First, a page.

Buckow has been lost in a distance; what should one do in a lovely countryside, overly depicted by admirers of Brecht, who has been interpreted a million times and over decades of theater performances? In comparison, miniscule is the time span that the viewer devotes to these barely dry canvases, which is in itself miniscule in comparison to the time that the painter spends in front of a painting. One feels compelled to devote an equal amount of time deciphering motives, lines, the story of its coming into existence, and constellations for each painting. Buckow can wait.
Kalaizis, so it emerges, paints movies. He never copies them. For example, where in his Fargo paintings is the snow of North Dakota, which is the sign of all-encompassing loneliness in the film of the Coen brothers, and which connects at the same time in its all-encompassing nature each disparate life in a hostile-friendly way? The painter’s snow is concrete, chain-link fences, and enclosed lawns. At least in Europe, in Leipzig, where the lawn automatically ends at a chain-link fence.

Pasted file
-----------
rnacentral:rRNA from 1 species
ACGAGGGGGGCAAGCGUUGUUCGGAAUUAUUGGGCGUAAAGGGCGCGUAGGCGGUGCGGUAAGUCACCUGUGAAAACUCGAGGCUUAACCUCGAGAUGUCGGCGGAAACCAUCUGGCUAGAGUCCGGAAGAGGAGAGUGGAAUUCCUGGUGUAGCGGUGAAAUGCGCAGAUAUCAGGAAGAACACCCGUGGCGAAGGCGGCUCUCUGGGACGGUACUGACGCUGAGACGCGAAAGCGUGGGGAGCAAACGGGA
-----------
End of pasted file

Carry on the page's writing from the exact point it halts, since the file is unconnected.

Just as Kalaizis does not extend the film onto the canvas, his paintings are not still movie pictures taken from the flow of time. They are too pure, too constructed for that. There is no crack in the concrete. There are no cigarette butts, no cola cans, no dead birds lying on the ground. The reality is not realistic; rather, it is abstract.
This first impression becomes stronger during our conversation. The painter, who is busy hanging his paintings for the exhibit, explains that he creates primarily from his immediate environment. However, he reduces the abundance of details, which he finds on the way from his apartment to his studio, to a few elements. Leipzig’s picturesque decayed factory architecture is no longer recognizable. The scenery comes across as cool, clear, and staged. Somewhat artificial,”plain in an American way”, as one likes to say in Europe.